Our Stories Connect Us by Marie Marquardt
I spend a lot of time in prison.
Well, technically, it’s not a prison, it’s an immigration detention center. But try telling that to the almost two thousand guys who wander through the place in prison jumpsuits, sleep in rooms with sixty beds where they also have to shower and do their business out in the open, get their meals in a cafeteria line where the only thing they can see of the person serving food is his hands, since a metal partition separates them from contact with the kitchen workers (who also are detained immigrants).
Try telling that to the kids who come to visit their dads, and have to talk to them on the phone, through thick plexiglass windows. Or to the women who visit their husbands, and the only “contact” they have is by holding their hand up to the glass, as their husband reaches out to mirror her handprint with his own.
Try telling that to me. I’ve visited the same immigration detention center in southwest Georgia more times than I can count, but each time I approach the razor-wire fence, each time the gate slowly churns open, each time I take off my shoes and my belt to walk through the metal detector, follow a guard through heavy steel doors, and then sit across from a detained immigrant and lift the phone to my ear, I wonder – as they and their families must also wonder – what are we doing in a prison?
For six years, I have worked with an extraordinary group of volunteers to visit with detained immigrants who have no one else to visit them. In many cases, the people I visit are young men – some are still teenagers – who traveled for weeks or months through Central America and Mexico to arrive at the southern border of the United States. After a treacherous and harrowing journey, when they finally get to the border, most of them don’t try to “sneak” in. They present themselves to a Border Patrol officer and say their lives are in danger, and they are seeking asylum in the United States.
They ask for help, for protection. That’s all they do to end up in a detention center in Southwest Georgia that looks, feels, smells, sounds, tastes like a prison (every single person I have visited there tells me the food sucks). And, at the detention center I visit, ninety-five percent are denied asylum and deported, so that place is likely to be all they’ll ever know of the United States.
But here’s the extraordinary thing: when I sit with those teenagers, when they tell me their stories and I tell them mine, we connect. We connect not only across a static-filled phone line and a thick wall of plexi-glass, but also across a broad array of differences that many people would suggest are too vast, too significant for us to ever recognize one-another. Ethnicity, national origin, gender, generation, first language, economic status – yes, this is much more than a laundry list. It is a list of terms that signify real, enormous, power-laden differences.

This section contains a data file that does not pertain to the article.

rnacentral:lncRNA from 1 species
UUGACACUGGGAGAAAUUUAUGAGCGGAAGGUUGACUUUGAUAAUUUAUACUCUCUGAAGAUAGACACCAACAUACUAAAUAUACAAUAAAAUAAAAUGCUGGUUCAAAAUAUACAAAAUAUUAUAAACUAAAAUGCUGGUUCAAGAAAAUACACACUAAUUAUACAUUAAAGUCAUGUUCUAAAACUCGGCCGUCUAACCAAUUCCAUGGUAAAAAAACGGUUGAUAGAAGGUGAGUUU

And, yet. And, yet.
Our stories connect us. They become a part of who we are. That’s what all good stories do, right? They form us into new people because they allow us to see, smell, taste, hear, intimately know new and different ways of existing in the world.
The teenagers I have met in detention are incredible. They are resilient, funny, kind, compassionate. They are artists, poets, karate black-belts, musicians. In most cases, they are scared. But still, they find the courage to share their stories.
I will not claim to have much in common with these young friends. That would be careless and glib. I will admit, though, that I have learned a great deal from them about how to be brave. Writing books and sending them out into the world is terrifying. At least for me, it is. But I have been entrusted with stories that need to be told, and re-told, and re-told again. They need to be told by as many different people in as many different ways from as many different perspectives as possible. And so, even though I may not be the perfect person to do it, even though it’s sometimes hard and exhausting and scary, I’ll keep listening to the stories that so desperately need to be heard, and I also will keep telling them.
Marie Marquardt is an author of young adult novels, a college professor, and an immigration advocate. Her debut novel, Dream Things True (St. Martin’s Press), was a 2015 YA BEA Buzz Panel choice praised in Kirkus as a “worthy examination of undocumented immigration in the American South through the lens of young love.”
Her second novel, THE RADIUS OF US, will be published by St. Martin’s Press in January 2017. Uplifting and hopeful, THE RADIUS OF US reflects the experience of Latin American teenagers fleeing gang violence and seeking asylum in the United States and the possibilities for change. It’s an issue that Marie Marquardt cares about profoundly, and she believes that connecting to it emotionally it can be a powerful antidote to the hate, fear, and misunderstanding that plagues our society.